UCD undergraduates reach out and experience the ‘nitty-grittys’ of ancient activities during UCD School of Archaeology’s module: ARCH30500 Experimental Archaeology and Ancient Technologies; learning about a broad range of technologies including, pottery production, clay firing, stone work, bronze casting, woodwork, textile and leather production, sword cutting foods and textiles; they can each now conduct their own archaeological experiments, at UCD Centre for Experimental Archaeology and Ancient Technologies.
Scoring a pot with Flint
Some pots ready for firing
Our Professors here understand more than any, that Experimental Archaeology means getting your feet dirty!
The base of a clay oven in production.
Many hands make light work, especially with ancient technoologies
First time turning clay in the hands.
lining the base of a clay oven with stones.
Even when when not excavating, some relationships remain strong!
Always a whirlwind of activity at UCD Centre for Experimental Archaeology
After taking over 3,000 images this semester, I can’t find a single photo where someone is not smiling!
Stephen is always watching 🙂
Appreciation for the final touches, delicately present themselves only after each student takes a pride in a pot they made; not something you get at an average museum.
Macro shot of the sand particle in the we included in clay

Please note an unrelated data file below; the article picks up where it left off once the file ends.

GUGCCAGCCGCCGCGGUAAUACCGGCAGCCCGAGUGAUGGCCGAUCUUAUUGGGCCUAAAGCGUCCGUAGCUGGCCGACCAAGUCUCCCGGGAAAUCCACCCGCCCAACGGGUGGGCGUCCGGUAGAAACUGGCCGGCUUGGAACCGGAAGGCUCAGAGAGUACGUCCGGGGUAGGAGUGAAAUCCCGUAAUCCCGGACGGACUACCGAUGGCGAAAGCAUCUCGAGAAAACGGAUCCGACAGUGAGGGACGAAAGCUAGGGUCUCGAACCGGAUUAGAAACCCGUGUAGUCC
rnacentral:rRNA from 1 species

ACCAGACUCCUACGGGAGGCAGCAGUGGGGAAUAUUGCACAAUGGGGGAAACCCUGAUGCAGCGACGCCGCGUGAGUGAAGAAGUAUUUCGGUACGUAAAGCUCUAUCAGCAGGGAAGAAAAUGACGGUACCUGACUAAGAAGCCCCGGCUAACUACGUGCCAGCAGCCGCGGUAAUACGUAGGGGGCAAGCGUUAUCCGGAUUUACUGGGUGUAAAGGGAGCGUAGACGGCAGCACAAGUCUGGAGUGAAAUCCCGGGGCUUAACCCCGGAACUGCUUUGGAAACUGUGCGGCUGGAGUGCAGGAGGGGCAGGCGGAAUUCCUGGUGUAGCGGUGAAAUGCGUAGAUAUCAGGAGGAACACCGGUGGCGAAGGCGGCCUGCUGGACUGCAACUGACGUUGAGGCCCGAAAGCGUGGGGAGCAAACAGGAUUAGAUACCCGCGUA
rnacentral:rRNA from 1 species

A view of my apartment block on Campus at UCD, with a full view of the experimental centre.
Bronze Casting at UCD Centre for Experimental Archaeology
It seems everything needed to build a ceramic workshop is right at our feet!
The Mesolithic house watches the girls through the trees as they retrieve the grass we will use to make a clay oven.
With every touch, we slowly bridge the gap; removing that museum display case glass to touch the very matter of ancient worlds.
New meets old in this one
A Portrait of My colleague, IRC and fellow PhD Scholar, Brendan O’Niel
Even the little chaps are busy at work at UCD Centre for Experimental Archaeology
A Student shapes a piece of clay for the first time, connecting with the past through his hands.
Prof. Aidan O’Sullivan at UCD Centre for Experimental Archaeology
Everything starts with a ball
Grinding an edge, to make a stone axe
An old exam table still gets used in our centre, some souls die hard.
Brendan Passes on some tips about handing clay
PhD Scholar Bernard Gilhooly shows the difference between steel, bronze and stone when chopping wood.
Prof. Seamus Caulfield demonstrates grain and saddle quern techniques.
The Arch30500 Experimental Archaeology and Ancient Technologies students of 2015